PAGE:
And of course any rule means there will always be buyers calling to ask how to get around the rule, unfortunately.
Being deceptive about owner occupancy is serious business.
OK, so some people won’t lie about owner occupancy because we all know lying isn’t right. But for those who aren’t opposed to lying just because your mother told you not to do it, there are generally stiff penalties for those who say they will owner occupy a home and instead use it as a rental or a resale property.
Getting your mail delivered to the property does not count as owner occupancy. Having your grown children live in the property while you live elsewhere or letting your sister, your buddy from your bowling league, third cousin etc live there does not count as owner occupancy. Owner occupancy means the buyer whose name is on the contract and on the deed plans to live in the property as their primary residence. Meaning you plan to sleep there, eat there, and watch TV there- ya know, live there.
Another frequent reason this comes up is when parents are buying homes for their kids to live in- this is still considered an investment and these offers should not be made as owner occupant offers. To clarify – loaning or giving your kids the money to buy a property with cash that they plan to live in and placing the contract and deed in their name- not an issue because they are the owner occupants. Buying the house and putting your name on the deed but letting them live there- issue.
Many large lenders ask buyers to sign an owner occupancy certificate stating the possibility for penalties and actions that could take place if the buyer misleads the seller about owner occupancy. The buyer’s agent and often the listing agent will be asked to sign as well stating that they have no reason to believe you don’t plan to live there. Many times as the listing agent on a bank foreclosed home I am asked to search the local county records for properties currently owned by the buyer. I am asked to disclose the info to the seller if something doesn’t seem right (ie. owner occupant buyer currently owns and lives in a $250,000 home but plans to owner occupy the new $5,000 foreclosed home they are purchasing- uhhh, red flag).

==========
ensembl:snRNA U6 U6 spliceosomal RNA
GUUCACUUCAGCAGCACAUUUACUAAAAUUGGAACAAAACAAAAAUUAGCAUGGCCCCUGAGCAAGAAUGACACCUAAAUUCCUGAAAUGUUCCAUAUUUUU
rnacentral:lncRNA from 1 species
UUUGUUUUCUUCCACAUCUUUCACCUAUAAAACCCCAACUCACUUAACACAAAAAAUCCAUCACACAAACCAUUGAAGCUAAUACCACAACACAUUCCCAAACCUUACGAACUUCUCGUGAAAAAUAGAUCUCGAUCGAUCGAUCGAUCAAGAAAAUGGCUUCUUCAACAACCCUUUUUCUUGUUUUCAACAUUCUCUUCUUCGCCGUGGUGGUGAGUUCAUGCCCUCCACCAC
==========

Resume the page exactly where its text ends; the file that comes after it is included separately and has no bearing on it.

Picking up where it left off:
Also, keep in mind that if an investor following the rules does not get to make an offer on a property because another investor bid during the owner occupancy period fraudulently, that investor is likely to report that to the seller. Causing one investor to miss a good deal because another is not being honest is bad for business. These things are closely watched by the investor community.
Just because a property has a “no investor buyer” period does not mean investors cannot eventually buy the home … many properties in need of repairs often pass through the owner occupancy period with no takers and are opened up to the investors to buy. Remember owner occupants often need loans to purchase homes and getting lending and completing repairs on properties in need of TLC is often more of a challenge than owner occupant buyers are willing to take on- so keep a close eye on the expiration dates of these owner occupancy periods and be ready to make an offer.